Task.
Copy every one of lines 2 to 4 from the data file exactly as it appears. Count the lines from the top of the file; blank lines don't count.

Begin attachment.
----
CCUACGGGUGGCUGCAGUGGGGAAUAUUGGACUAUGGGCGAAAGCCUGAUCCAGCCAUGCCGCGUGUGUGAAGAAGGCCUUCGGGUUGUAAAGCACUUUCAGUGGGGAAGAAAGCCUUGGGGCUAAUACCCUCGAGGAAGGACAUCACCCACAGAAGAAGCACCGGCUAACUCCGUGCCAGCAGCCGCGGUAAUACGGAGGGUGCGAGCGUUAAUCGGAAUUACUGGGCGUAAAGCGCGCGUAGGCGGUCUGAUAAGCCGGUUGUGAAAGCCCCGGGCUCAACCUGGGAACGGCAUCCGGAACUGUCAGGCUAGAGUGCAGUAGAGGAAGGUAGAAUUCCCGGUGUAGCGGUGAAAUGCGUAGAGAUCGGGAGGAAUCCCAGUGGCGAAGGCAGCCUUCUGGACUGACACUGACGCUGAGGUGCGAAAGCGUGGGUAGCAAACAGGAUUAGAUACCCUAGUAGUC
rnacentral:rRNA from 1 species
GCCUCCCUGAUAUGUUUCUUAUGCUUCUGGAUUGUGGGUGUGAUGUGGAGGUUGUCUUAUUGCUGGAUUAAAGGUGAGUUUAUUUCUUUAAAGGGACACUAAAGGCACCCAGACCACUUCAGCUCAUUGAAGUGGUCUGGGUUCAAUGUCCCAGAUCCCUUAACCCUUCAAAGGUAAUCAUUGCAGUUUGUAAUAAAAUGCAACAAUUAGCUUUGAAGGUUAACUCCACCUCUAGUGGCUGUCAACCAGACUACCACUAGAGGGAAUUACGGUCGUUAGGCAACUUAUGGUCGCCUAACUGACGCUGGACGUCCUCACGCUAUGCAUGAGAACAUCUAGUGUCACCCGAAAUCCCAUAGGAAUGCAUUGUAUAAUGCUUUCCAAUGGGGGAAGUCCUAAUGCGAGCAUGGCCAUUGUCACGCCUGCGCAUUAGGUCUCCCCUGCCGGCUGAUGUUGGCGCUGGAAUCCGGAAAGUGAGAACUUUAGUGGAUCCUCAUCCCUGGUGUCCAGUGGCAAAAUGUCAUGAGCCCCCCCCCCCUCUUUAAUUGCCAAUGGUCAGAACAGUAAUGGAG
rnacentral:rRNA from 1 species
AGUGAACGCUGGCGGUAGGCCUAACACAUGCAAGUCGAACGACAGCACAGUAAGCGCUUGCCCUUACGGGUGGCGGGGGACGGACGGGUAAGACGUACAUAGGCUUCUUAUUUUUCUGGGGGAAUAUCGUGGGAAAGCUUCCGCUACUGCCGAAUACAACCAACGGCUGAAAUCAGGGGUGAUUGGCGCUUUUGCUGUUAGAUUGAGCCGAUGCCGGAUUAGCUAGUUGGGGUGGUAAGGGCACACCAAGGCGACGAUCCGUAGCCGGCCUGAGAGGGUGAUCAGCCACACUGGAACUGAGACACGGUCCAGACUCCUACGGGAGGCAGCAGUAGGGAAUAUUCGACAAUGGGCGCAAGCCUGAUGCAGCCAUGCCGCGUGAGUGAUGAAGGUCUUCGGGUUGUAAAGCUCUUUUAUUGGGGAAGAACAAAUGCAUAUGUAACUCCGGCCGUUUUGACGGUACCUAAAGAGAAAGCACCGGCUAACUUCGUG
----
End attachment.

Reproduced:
rnacentral:rRNA from 1 species
GCCUCCCUGAUAUGUUUCUUAUGCUUCUGGAUUGUGGGUGUGAUGUGGAGGUUGUCUUAUUGCUGGAUUAAAGGUGAGUUUAUUUCUUUAAAGGGACACUAAAGGCACCCAGACCACUUCAGCUCAUUGAAGUGGUCUGGGUUCAAUGUCCCAGAUCCCUUAACCCUUCAAAGGUAAUCAUUGCAGUUUGUAAUAAAAUGCAACAAUUAGCUUUGAAGGUUAACUCCACCUCUAGUGGCUGUCAACCAGACUACCACUAGAGGGAAUUACGGUCGUUAGGCAACUUAUGGUCGCCUAACUGACGCUGGACGUCCUCACGCUAUGCAUGAGAACAUCUAGUGUCACCCGAAAUCCCAUAGGAAUGCAUUGUAUAAUGCUUUCCAAUGGGGGAAGUCCUAAUGCGAGCAUGGCCAUUGUCACGCCUGCGCAUUAGGUCUCCCCUGCCGGCUGAUGUUGGCGCUGGAAUCCGGAAAGUGAGAACUUUAGUGGAUCCUCAUCCCUGGUGUCCAGUGGCAAAAUGUCAUGAGCCCCCCCCCCCUCUUUAAUUGCCAAUGGUCAGAACAGUAAUGGAG
rnacentral:rRNA from 1 species